What’s the importance of increasing the plant diversity profile of food and how can companies like Kellogg’s contribute to this effort?
Eating a greater variety of plant-based foods could have a beneficial effect on physical wellbeing and support a more sustainable food supply for generations to come. Eating a plant-diverse diet increases the intake of nutrient dense foods and provides essential micro- and macro-nutrients to the body, which also supports a healthy digestive system.
It’s estimated that there are 30,000 edible plants available on Earth, yet we only eat 150 of them. And just three main plants — corn, rice and wheat — account for more than 50% of food consumed by people globally.
Leveraging the same crop year-over-year depletes important soil nutrients, which places a strain on the land and impacts the soil’s productivity for growing food. Encouraging a greater variety of crops into our food system will help boost soil health, support biodiversity, and enable the ability to grow more food on the same land source.
What role will consumer education play in moving the plant-based trend forward?
We know people are interested in trying new foods and exploring different ingredients and how that ultimately impacts their diet. That said, educating consumers on the health AND planetary benefits of eating plant-based is still in its early stages.
Kellogg, academics, and other organizations have an opportunity to continue to explain how plants play an important role in helping people and the planet. We created the Morningstar Farms Veg Effects Calculator to help people understand how swapping a beef burger for a Morningstar Farms burger can reduce your GHG emissions and water impact. We are working to do the same on other foods.
How will our current food system have to change to become fully sustainable?
Our global food system is not currently set up to properly nourish billions of people. As we know from FAO, more than 820 million people face a future of food insecurity. [This number has increased due to COVID-19.]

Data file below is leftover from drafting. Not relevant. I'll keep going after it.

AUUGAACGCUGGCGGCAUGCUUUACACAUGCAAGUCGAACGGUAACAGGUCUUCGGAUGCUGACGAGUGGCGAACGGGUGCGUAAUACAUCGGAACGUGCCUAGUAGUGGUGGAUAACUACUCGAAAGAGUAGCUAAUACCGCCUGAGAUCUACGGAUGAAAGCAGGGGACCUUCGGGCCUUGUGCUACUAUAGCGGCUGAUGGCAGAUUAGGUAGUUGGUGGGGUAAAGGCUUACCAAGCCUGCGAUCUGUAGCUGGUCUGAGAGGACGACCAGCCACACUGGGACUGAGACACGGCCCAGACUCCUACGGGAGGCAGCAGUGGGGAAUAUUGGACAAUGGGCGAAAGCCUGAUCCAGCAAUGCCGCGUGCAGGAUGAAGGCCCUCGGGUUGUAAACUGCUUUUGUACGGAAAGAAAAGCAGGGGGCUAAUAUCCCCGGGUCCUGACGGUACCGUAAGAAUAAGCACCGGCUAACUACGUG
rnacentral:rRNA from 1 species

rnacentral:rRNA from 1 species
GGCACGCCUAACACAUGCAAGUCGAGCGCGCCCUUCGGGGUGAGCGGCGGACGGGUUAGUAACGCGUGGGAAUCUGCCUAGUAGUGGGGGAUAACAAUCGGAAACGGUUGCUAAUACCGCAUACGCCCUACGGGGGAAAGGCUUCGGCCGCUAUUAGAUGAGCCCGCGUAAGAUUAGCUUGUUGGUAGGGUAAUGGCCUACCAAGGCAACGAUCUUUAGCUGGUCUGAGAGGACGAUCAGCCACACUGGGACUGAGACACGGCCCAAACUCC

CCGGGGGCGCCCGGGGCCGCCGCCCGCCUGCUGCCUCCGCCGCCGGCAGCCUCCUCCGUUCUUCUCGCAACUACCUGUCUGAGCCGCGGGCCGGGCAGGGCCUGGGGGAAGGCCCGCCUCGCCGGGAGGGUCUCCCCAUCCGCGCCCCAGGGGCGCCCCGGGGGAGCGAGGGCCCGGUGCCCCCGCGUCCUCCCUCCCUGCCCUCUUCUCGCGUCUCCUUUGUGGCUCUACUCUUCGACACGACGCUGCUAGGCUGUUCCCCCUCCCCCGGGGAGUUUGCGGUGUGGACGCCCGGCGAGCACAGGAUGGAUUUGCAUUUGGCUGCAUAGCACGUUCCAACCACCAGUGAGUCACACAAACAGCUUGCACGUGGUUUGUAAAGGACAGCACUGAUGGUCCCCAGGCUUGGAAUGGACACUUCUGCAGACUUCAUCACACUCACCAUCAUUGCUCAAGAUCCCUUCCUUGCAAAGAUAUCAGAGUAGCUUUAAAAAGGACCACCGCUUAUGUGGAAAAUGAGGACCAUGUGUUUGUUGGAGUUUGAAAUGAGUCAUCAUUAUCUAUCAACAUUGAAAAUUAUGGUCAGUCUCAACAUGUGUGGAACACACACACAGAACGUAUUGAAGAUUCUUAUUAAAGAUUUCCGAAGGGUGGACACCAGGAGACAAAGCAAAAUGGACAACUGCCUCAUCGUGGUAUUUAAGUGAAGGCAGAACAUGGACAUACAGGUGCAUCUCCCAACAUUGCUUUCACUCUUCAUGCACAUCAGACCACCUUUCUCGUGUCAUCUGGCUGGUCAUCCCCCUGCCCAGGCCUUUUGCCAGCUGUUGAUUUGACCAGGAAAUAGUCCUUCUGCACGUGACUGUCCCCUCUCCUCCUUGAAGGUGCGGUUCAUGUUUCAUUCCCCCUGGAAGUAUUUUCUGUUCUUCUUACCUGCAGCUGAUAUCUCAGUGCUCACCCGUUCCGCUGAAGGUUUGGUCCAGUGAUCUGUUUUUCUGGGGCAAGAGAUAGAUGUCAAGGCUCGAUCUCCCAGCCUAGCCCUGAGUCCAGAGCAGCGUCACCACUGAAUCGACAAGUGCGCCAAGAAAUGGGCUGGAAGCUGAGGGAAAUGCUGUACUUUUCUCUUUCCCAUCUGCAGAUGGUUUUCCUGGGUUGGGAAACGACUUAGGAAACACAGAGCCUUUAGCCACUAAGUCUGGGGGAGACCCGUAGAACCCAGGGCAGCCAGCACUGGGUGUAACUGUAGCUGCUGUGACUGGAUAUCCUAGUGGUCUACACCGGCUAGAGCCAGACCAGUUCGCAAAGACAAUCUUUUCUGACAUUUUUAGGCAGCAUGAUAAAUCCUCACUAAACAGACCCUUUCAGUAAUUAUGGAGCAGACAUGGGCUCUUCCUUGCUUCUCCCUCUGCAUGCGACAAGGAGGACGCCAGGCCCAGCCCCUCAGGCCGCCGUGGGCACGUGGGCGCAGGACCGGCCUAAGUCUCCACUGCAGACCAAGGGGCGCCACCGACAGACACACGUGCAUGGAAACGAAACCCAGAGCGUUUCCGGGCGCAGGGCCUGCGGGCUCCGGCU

To ensure a more sustainable food supply, we must go back to the origin of our ingredients. Companies need to support farmers and workers as they adopt more sustainable and regenerative agriculture practices that help promote soil health, protect biodiversity, halt deforestation, and mitigate greenhouse gas emissions.
As part of our Kellogg’s Better Days global purpose platform, we’ve already supported more than 330,000 farmers, including women and smallholders, through our Kellogg’s Origins Projects around the world. These projects are essential to building trust and driving impact. We do that by working with farmers, suppliers, trusted NGO’s, technical partners, and others to assess areas of opportunity, share best practices, and measure outcomes to make step changes across the food system.
Supporting a diverse, plant-based diet will help this effort. As a leading plant-based food company, we recognize the role our company can play by intentionally enhancing the plant diversity of our foods through looking at innovation differently in the future. This can create a demand signal for farmers who are looking to enhance their crop rotations or plant cover crops that may become cash crops in the future. We don’t know what that will look like in the future, but it is an exciting opportunity that we are ready to explore.
What do you think the food system will look like 10 years from now?
My hope is that by the end of 2030, our food system will be well-positioned to feed our global population while protecting the precious natural resources we have for generations to come.